Remembering Robert Wagenhoffer

By Monica Friedlander
First posted to, December 14, 1999

I hope people will remember Robert Wagenhoffer for more than an occasional Gershwin on Ice or Sea World show, or for his skills as a choreographer. Robert was possibly the greatest unrecognized talent in U.S. skating history. His unmatched soft touch on the ice, extraordinary musical interpretation, ability to do quads long before any were landed in competition -- all these and many more are testimony to a talent we are unlikely to see again for a long time.

Back in the early 1980s he bested the likes of Scott Hamilton (in the short program) and Brian Boitano at Nationals, and was on his way to the top internationally (sixth at the 1982 Worlds) when he decided to turn pro. Immedi ately he went on to win the Jaca World Professional Championships, which was extremely prestigious at the time. (He won Jaca again as well as other pro events in subsequent years.) He continued skating ever since (including starring in Ice Capades for many years), although in a skating world that doesn't recognize those without a slew of world and Olympic titles, his public recognition was limited, even if his talent was not.

Most importantly, Robert was a very, very special human being, with a huge heart and perhaps too much integrity for his own good. He never failed to speak his mind about things, including skating politics, which didn't always win him friends. But you also knew that you always got the truth from him. Robert cherished his friends enormously, and a few years ago cared for his dying friend at the expense of his own career. He was the type of person who would leave a busful of skaters waiting just to walk you to the car at night. He never cared how important or famous you were to be his friend.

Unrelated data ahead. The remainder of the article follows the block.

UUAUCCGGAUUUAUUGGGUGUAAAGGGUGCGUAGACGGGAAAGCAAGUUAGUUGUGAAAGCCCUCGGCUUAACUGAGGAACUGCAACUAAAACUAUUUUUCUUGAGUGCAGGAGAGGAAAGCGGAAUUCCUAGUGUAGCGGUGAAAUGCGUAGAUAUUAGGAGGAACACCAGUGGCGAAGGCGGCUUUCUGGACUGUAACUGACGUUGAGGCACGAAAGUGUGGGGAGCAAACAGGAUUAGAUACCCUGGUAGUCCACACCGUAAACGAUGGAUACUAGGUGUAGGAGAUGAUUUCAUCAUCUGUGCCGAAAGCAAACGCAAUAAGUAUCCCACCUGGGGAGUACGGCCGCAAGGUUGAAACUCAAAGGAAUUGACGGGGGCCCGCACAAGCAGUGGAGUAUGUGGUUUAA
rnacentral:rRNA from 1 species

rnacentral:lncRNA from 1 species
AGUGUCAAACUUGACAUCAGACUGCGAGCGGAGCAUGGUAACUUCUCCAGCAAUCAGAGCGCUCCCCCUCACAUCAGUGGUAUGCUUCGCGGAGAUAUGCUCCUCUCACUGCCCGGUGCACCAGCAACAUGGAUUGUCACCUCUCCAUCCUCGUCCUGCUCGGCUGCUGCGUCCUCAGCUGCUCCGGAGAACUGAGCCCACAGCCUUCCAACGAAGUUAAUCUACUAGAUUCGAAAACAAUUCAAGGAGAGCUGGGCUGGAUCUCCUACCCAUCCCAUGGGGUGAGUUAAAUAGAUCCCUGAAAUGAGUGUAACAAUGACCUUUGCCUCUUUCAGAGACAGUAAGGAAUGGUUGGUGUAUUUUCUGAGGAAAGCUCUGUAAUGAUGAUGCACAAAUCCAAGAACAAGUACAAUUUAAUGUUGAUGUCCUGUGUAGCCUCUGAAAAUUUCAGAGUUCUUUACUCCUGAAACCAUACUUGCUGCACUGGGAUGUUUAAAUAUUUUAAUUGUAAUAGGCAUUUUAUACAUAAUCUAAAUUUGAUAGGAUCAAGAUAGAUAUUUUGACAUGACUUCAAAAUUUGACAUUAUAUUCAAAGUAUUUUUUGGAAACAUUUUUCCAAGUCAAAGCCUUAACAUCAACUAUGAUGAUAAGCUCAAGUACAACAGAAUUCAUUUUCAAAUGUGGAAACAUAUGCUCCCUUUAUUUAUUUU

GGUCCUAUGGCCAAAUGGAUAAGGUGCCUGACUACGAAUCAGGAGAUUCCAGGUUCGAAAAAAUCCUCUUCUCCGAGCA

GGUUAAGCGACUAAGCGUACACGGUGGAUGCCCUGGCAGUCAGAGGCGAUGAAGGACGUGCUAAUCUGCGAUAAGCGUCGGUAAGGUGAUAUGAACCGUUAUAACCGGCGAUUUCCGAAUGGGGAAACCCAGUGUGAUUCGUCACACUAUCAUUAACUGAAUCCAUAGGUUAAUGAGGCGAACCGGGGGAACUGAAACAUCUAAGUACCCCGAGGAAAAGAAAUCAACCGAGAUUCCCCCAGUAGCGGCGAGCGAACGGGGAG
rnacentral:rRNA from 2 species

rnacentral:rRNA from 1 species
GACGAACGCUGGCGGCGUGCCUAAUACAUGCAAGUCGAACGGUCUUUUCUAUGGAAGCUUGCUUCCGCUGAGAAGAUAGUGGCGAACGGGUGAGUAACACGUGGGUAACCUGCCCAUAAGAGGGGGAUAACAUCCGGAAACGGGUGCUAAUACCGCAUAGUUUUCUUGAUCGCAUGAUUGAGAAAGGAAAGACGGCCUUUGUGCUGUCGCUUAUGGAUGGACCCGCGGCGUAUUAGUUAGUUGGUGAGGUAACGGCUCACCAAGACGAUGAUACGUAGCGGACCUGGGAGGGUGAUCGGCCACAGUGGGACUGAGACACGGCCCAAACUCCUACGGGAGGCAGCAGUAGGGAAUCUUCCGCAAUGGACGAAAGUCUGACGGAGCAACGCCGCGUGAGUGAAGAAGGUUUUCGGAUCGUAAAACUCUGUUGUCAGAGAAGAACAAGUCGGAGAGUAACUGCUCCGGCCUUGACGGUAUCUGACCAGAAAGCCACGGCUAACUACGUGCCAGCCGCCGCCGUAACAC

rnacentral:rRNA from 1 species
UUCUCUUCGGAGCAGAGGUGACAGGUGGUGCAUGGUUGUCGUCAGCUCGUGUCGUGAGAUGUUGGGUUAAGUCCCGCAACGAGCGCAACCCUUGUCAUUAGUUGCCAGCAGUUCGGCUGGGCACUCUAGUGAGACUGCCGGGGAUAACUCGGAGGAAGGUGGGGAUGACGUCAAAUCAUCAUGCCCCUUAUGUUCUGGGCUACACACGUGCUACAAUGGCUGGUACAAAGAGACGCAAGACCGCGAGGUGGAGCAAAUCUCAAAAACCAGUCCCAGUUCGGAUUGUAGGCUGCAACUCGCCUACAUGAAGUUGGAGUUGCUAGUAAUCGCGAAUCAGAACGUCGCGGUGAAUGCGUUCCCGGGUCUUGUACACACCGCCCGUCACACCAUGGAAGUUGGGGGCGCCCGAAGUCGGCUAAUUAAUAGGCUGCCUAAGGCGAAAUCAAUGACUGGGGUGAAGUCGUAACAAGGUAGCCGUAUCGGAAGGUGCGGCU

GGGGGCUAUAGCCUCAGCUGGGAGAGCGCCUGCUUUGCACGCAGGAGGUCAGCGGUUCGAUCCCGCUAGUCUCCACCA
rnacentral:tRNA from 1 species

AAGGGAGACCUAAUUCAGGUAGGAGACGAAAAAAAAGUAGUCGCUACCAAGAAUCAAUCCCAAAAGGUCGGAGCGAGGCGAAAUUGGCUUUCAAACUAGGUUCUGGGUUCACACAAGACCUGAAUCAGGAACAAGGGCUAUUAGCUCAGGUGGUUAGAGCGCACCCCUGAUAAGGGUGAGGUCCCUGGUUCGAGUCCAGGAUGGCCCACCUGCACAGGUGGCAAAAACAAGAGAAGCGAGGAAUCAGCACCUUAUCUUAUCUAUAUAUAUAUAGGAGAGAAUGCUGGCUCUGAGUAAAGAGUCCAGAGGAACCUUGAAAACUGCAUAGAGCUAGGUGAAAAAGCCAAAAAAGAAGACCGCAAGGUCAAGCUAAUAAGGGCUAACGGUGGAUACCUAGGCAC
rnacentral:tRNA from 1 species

Much of the skating world often ignored him during his life because he didn't have a gold medal to show for his efforts. It will come as little comfort to those who loved him, but I hope the skating community will at least remember him and acknowledge his talents now that he's gone.

He's missed more than he would have ever imagined.

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